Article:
If only it were that easy in the cat world; how wonderful to be able to avoid one particular attention-seeking, punctuation-dodging nutjob – YOU KNOW WHO YOU ARE – simply by refraining from logging on at certain times. That said, what a pity if the human were pleasant but one had to steer clear of them because they had an undesirable dog. This is utterly unheard of in cats. Whatever their issue, however naughty or stroppy or psycho they may be, undesirable cats are simply not a thing.
Cat Daddy: “Really? I can think of one.”
If a genie were to grant me three wishes, I would wish for that cat park – yes, even before wishing for a lottery win, world peace or more wishes. And, should you ever see cats pitter-pattering about your local green space and a group of slightly harassed-looking ladies in jaunty scarves, helping themselves from a free Crémant fountain, you will KNOW.
Someone once told me, “Never eat anything bigger than your head” and, given that I have a head so fat that I can’t wear paper party hats without splitting them, I have been able to abide by this for most of my life without feeling that I am missing out.
Imagine, then, eating something bigger than your entire body. Considerably bigger, in fact. Louis Catorze had the opportunity to do exactly this when Cat Daddy bought a whole leg of jamón serrano for a ham and cheese night with friends. As you know, Catorze doesn’t really like food, but he won’t say non to some cured ham and, if it’s several times his own bodyweight, tant mieux.
Oui, Mesdames et Messieurs: nothing says “good hosting” quite like serving guests the same food that you gave to your cat to make him take his meds.
Cat Daddy: “It isn’t the same food that we gave to our cat to make him take his meds. We gave him the much higher-quality jambon de Bayonne.”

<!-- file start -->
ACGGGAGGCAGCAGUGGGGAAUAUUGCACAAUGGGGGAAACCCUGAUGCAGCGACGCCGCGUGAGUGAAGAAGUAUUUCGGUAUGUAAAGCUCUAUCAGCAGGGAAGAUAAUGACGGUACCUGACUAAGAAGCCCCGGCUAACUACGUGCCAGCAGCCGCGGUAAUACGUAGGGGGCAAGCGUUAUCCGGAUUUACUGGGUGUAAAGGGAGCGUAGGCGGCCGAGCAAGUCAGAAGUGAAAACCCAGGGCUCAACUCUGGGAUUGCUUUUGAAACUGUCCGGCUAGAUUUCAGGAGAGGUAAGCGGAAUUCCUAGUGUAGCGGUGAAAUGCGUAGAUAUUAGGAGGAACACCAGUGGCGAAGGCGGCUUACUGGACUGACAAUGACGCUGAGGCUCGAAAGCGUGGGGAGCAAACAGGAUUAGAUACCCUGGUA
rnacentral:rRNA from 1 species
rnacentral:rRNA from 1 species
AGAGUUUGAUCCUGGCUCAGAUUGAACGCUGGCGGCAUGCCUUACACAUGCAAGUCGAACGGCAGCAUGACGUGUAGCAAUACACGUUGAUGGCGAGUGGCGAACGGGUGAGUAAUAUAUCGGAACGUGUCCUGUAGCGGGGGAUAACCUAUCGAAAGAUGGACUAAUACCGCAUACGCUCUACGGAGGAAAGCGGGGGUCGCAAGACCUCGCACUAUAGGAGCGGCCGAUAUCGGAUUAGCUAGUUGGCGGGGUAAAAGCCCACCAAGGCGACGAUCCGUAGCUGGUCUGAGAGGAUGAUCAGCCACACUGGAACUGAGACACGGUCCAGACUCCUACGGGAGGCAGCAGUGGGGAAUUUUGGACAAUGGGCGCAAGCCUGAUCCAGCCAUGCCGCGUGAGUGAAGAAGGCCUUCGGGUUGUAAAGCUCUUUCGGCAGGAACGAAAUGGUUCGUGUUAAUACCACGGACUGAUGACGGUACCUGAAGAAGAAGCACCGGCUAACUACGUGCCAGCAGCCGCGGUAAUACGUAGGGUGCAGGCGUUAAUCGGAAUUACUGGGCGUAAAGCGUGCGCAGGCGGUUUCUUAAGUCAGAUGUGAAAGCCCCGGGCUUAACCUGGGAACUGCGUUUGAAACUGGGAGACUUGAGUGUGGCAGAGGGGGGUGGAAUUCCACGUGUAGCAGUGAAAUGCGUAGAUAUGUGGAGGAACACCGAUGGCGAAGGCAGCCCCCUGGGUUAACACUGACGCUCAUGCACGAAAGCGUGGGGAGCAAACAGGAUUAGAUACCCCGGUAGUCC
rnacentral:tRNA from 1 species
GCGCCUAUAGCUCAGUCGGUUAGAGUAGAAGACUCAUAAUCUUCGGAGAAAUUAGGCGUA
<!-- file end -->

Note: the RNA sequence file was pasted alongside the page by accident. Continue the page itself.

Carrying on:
You’re welcome, les invités.
Anyway, unlike most cats, who hide from party guests or have to be shut away to minimise their own stress levels, Louis Catorze attended our gathering, even though he wasn’t invited. And, bien sûr, he conspicuously chose the boys’ corner of the room and mingled like a true socialite. It was like watching Hugh Hefner in the Playboy Mansion: spoilt for choice and not knowing what to do with himself.
And, yes, the little sod did get a few slivers of jamón, too.
Today is Louis Catorze’s birthday, according to his paperwork, although it’s actually the anniversary of the day that he first pitter-pattered into the rescue. The staff there probably tend to celebrate 20th July instead, which is the day that we took him off their hands and ended his reign of money-draining. (He was, and, as far as we know, still remains, their most expensive cat ever.)
At 7 years old he is now officially either Mature or Senior, depending on one’s source. Yet he is still the same tiny, kittenish little scrap of a thing that (we imagine) he was at a year old, which is quite impressive; how many humans could claim to look 1/7 of their actual age?
I had the idea of a huge neighbourhood birthday extravaganza with accordion music, Sun King bunting and party poppers that scatter Dreamies and party powder instead of shredded paper and glitter, but Cat Daddy vetoed it.
“We have had a whole house built and furnished to his specifications,” he sighed. “We have spent, and continue to spend, a fortune on anti-allergy paraphernalia. He has better food and health care than we do. So he can go whistle if he thinks he’s getting a party or presents.”
And that was that.
Don’t feel too bad for the little sod, though. He doesn’t know that it’s his birthday, for a start. And he will have a perfectly pleasant day here at Le Château with us, eating his usual ruinously expensive food imported from Canada and playing with the many lovely toys that pilgrims have kindly given him. And we will be raising a glass to him and thanking the universe for his good health. It will be no different from any other day in his life, but, trust me: this is good.
We hope you are having an equally lovely bank holiday weekend with your furry overlords, and that every day feels like their birthday.